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Joy Daughtery Dickinson is executive editor of the Hospital Group of publications at AHC Media in Atlanta and long-time editor and writer of Same-Day Surgery. She has won nine national awards from the Specialized Information Publishers Association and the Association of Business Information & Media Companies for her blogging, news writing, and editing. She makes her home in southwest Georgia.
My daughter’s favorite place in the world is Starbucks. We went to one over the holidays, and she ordered an eggnog blended ice drink. Instead of the beverage she ordered, she was handed an eggnog latte. She pointed out the mistake to the barista, who immediately corrected the error.
That idea of giving people what they want, or making it right if you don’t, is behind a new money-back guarantee at Geisinger Health System in Pennsylvania. Patients use an app to enter a code for the condition they had treated and can provide feedback on their treatment. They also have the option of selecting “I would like a refund.” The refund page knows how much the patients paid. Patients can request a refund on a sliding scale from $1 up to thousands. Even if the hospital made no mistakes, patients receive a refund within five days.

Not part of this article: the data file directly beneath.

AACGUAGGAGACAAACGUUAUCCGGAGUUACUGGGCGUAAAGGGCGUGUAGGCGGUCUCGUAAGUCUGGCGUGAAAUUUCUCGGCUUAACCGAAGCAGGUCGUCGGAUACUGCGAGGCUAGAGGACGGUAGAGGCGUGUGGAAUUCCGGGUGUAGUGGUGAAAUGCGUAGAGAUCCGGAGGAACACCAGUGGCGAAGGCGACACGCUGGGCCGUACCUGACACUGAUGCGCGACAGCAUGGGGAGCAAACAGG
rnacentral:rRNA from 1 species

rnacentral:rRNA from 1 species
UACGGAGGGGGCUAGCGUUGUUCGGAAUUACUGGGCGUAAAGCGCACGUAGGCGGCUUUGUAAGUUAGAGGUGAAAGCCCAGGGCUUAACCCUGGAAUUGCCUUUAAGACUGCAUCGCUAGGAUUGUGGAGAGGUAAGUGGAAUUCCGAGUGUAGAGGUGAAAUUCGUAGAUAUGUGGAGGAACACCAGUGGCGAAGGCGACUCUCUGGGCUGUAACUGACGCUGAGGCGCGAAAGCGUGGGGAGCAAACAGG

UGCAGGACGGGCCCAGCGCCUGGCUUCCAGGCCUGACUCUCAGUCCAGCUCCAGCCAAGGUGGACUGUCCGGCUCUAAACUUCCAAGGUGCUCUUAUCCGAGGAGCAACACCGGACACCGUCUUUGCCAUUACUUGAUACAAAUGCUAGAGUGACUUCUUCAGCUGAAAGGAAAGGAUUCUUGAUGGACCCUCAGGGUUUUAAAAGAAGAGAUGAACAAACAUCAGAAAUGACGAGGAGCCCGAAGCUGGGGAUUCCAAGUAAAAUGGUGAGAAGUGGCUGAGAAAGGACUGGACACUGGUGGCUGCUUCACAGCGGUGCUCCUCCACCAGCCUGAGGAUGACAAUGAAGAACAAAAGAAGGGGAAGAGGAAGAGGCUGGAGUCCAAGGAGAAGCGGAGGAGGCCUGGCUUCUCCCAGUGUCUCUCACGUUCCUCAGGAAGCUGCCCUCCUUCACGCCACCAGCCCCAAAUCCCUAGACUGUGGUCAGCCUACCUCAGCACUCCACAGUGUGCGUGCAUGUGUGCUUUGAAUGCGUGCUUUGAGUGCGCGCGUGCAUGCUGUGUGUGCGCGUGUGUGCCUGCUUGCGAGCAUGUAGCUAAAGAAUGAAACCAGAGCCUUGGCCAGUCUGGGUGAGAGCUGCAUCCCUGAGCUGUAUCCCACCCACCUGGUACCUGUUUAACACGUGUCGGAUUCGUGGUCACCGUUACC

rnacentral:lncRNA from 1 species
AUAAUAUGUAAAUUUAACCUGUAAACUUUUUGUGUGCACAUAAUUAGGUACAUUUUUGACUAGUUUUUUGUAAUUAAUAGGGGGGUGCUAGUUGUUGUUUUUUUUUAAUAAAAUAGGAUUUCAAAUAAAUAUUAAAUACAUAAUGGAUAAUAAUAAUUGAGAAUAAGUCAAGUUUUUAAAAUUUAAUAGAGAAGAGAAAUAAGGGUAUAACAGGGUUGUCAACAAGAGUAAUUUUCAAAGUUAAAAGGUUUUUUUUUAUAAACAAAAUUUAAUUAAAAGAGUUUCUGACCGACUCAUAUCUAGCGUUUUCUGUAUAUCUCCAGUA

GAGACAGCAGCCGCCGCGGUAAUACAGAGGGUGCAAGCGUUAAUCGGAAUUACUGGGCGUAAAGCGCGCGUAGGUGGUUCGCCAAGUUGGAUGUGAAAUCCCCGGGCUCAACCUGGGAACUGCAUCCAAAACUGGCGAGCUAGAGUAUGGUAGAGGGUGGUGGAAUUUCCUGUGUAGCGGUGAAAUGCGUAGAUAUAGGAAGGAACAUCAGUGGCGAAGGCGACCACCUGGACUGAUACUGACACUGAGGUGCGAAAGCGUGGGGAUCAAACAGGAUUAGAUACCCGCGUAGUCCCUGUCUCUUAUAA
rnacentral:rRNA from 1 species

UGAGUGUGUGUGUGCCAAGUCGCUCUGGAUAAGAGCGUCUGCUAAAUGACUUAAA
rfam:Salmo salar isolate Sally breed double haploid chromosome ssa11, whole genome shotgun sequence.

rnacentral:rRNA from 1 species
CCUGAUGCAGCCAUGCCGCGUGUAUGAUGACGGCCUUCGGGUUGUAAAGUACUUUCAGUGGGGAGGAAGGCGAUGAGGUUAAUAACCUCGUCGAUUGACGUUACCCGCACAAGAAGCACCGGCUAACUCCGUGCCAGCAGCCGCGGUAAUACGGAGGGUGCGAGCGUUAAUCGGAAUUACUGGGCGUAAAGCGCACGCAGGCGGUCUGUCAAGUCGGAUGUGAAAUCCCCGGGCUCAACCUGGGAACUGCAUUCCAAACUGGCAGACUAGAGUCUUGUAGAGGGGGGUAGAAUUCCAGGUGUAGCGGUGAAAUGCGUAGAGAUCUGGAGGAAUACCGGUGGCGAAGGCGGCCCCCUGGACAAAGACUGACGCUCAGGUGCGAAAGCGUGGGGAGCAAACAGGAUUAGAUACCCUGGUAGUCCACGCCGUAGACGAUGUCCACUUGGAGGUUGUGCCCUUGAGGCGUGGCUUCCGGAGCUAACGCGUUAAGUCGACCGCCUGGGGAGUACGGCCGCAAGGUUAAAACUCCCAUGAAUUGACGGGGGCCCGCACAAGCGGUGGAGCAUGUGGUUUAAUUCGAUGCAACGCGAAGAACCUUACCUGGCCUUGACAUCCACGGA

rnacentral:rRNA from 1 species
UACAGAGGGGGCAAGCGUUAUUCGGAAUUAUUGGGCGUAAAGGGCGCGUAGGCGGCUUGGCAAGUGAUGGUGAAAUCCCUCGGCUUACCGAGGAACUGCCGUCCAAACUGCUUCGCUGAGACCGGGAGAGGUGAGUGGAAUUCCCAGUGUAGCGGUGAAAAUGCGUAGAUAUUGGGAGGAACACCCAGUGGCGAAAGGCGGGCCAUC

The app, named Geisinger ProvenExperience, was launched at the end of 2015. It follows Geisinger’s “surgery-with-a-guarantee” program that has been written up in our Same-Day Surgery publication, along with a story about other guarantees.
“We’re going to do everything right. That’s our job, that’s our promise to you,” said Geisinger Health System President and CEO David Feinberg, MD, when he spoke at the annual Health Care Symposium at Misericordia University in Dallas, PA. “And you’re the judge. If you don’t think so, we’re going to apologize, we’re going to try to fix it for the next guy, and as a small token of appreciation we’re going to give you some money back.”
The health system’s early experience with the app indicates that patients aren’t necessarily looking for a refund, Feinberg said. “They tell us, ‘when you make a mistake, what we want is for you to own it and apologize, and then we can talk about it.’”
Apologizing to patients has been controversial, due to liability concerns. Also, some critics say hospitals sometimes use apologies to manipulate patients and families. (See “When does a hospital’s apology switch to being manipulation?” in our Healthcare Risk Management publication.)
So are guarantees the way to go? Even Feinberg isn’t certain. “I don’t know if a money-back guarantee or warranty is the right way to do it,” he said, “but I do know if we don’t figure out how to do it, somebody else is going to do it.” (Editor’s note: Get hospital-related breaking news as it happens on Twitter @HospitalReport.)